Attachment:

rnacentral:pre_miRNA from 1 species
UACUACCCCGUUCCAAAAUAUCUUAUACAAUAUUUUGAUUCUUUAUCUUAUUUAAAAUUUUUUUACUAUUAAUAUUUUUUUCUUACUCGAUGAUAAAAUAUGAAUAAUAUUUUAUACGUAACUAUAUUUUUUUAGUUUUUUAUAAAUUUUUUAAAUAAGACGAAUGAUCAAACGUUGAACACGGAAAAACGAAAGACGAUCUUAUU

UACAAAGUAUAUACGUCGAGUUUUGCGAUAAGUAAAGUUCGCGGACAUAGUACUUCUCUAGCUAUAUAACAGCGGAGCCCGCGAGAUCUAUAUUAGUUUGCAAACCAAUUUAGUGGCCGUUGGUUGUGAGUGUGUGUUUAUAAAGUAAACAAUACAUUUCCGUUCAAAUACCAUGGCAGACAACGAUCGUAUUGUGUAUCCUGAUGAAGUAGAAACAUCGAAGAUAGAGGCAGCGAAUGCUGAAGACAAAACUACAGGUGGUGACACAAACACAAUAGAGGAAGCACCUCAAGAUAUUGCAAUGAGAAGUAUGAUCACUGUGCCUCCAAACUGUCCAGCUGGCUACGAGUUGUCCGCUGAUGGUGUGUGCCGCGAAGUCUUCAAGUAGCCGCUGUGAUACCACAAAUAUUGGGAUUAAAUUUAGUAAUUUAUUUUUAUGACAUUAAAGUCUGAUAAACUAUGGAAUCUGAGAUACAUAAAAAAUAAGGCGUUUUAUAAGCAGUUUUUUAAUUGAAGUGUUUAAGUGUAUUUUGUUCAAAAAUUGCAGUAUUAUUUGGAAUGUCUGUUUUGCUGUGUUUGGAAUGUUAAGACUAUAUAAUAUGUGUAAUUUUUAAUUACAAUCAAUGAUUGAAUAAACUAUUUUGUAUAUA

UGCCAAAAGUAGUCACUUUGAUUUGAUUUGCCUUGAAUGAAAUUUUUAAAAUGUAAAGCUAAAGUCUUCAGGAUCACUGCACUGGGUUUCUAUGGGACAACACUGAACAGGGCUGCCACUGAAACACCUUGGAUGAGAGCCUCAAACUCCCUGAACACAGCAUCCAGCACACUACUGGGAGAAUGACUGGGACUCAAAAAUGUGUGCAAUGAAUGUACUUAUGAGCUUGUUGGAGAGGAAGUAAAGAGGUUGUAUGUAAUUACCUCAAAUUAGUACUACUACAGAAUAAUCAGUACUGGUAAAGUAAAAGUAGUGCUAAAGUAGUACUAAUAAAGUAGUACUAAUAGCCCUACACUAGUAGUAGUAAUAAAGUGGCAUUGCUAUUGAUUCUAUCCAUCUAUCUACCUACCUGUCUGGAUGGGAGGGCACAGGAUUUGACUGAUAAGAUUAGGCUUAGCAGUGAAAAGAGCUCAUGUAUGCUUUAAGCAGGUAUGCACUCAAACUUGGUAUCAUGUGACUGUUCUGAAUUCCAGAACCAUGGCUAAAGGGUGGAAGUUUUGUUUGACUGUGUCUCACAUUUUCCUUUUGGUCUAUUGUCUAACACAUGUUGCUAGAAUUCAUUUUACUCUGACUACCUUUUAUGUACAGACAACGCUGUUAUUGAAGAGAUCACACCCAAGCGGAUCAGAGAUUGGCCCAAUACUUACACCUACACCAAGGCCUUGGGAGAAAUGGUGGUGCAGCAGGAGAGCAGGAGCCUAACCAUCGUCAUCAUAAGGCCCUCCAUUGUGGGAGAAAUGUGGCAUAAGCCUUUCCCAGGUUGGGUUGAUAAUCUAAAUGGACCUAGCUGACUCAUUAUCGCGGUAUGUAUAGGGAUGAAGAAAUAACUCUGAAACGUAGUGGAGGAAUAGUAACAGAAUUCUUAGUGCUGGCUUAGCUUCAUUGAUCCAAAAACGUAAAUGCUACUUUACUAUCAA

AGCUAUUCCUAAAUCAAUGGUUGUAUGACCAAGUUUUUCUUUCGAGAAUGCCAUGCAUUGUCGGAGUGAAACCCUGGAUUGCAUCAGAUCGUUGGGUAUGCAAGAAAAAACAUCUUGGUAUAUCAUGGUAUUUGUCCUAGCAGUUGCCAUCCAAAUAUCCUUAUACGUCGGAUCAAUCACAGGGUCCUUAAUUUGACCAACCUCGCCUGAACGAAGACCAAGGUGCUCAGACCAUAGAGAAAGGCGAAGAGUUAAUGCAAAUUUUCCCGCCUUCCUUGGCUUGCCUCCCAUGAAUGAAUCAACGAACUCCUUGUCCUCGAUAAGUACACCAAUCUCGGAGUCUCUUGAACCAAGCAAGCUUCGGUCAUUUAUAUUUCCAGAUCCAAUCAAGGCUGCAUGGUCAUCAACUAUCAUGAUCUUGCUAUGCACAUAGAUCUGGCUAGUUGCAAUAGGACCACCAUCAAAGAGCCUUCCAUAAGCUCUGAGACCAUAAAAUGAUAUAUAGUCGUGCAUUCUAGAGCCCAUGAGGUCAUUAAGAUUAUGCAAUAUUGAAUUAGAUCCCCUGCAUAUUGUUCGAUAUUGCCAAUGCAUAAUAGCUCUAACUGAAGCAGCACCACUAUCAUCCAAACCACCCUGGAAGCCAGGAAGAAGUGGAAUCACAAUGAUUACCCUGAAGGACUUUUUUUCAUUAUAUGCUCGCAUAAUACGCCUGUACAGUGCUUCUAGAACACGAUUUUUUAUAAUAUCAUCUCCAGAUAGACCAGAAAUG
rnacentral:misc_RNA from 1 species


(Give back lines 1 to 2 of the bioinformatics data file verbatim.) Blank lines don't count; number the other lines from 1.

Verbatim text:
rnacentral:pre_miRNA from 1 species
UACUACCCCGUUCCAAAAUAUCUUAUACAAUAUUUUGAUUCUUUAUCUUAUUUAAAAUUUUUUUACUAUUAAUAUUUUUUUCUUACUCGAUGAUAAAAUAUGAAUAAUAUUUUAUACGUAACUAUAUUUUUUUAGUUUUUUAUAAAUUUUUUAAAUAAGACGAAUGAUCAAACGUUGAACACGGAAAAACGAAAGACGAUCUUAUU